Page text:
Recently I read The Namesake by Jhumpa Lahiri about two generations of an Indian immigrant family to the United States. The main theme of the novel was that the father Ashoke was reading The Overcoat on a train journey. The train derailed and this slim book saved his life. Indebted to the book, Ashoke decided to name his newborn son Nikhil but gave him the nickname Gogol, after the Russian writer whose works he adored. Lahiri even includes snippets of Gogol's life in her novel, but until now I had not read any of his work. It is in this regard, that I chose to read The Overcoat to get a feel for the story that had such a central place in the book.

    Nicolai Gogol lived a brief existence from 1809-1852, primarily in Petersburg, Russia, with a few sojourns to Rome. Gogol was a gifted writer who influenced Dostoevsky and Turgenev among others. Sent away to boarding school at the age of ten, Gogol lived most of his life away from his father, and did not have other family to speak of. As a result, he had compassion for the less fortunate of people, and this becomes evident in his famous short story.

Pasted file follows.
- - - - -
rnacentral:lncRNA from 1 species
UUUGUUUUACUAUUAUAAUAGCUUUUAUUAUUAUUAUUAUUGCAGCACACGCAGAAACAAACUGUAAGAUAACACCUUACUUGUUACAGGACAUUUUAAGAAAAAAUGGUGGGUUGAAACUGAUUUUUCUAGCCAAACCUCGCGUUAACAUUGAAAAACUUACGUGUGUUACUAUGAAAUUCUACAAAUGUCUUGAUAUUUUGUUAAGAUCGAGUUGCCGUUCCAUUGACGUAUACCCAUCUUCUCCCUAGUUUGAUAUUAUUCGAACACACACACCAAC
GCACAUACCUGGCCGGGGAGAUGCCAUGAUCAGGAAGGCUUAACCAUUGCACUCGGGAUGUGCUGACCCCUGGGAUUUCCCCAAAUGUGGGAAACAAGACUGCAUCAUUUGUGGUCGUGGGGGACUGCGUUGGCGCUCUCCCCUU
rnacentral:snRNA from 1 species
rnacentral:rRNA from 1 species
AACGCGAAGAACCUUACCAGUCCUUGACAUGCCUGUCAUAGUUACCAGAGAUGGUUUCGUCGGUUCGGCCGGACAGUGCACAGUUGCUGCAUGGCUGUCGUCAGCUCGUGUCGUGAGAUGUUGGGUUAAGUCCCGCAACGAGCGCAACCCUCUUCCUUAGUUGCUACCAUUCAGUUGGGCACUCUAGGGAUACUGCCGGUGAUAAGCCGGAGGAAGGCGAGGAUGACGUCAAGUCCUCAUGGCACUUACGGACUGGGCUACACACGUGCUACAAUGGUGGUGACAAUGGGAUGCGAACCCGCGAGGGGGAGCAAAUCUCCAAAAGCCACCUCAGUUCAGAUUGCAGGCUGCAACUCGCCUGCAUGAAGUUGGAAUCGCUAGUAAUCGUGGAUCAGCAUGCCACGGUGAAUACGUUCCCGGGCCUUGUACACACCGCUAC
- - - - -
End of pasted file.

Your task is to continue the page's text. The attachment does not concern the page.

Gogol got the idea for The Overcoat at a party with friends when he heard of a civil servant who desires a new gun but could not afford one and saved money in order to do so. Thus, the idea for Akaky Akakyevich and his overcoat was born. Akakyevich survived on a salary of 450 rubles a year and could barely afford food or clothes. He was happy at his job as a copier and had no desire to advance in his profession or to marry. Living in a tiny apartment in the poor side of town, Akakyevich brought home extra work and saved rubles in a tin in order to have the means to afford repairs to his clothing.

    One year, his Overcoat was worn beyond repair, and Akaky Akakyevich saved rubles in his tin for a new coat. He convinced his tailor Petrovich in a drunken moment to sew him a new one for only 80 rubles and by doing so was able to survive for another winter. Despite his joy in receiving the new coat, Akakyevich's moment is short lived; however, because others coveted his coat and stole it from him. This fleeting moment sets up a memorable denouement that appears to be out of a folk tale.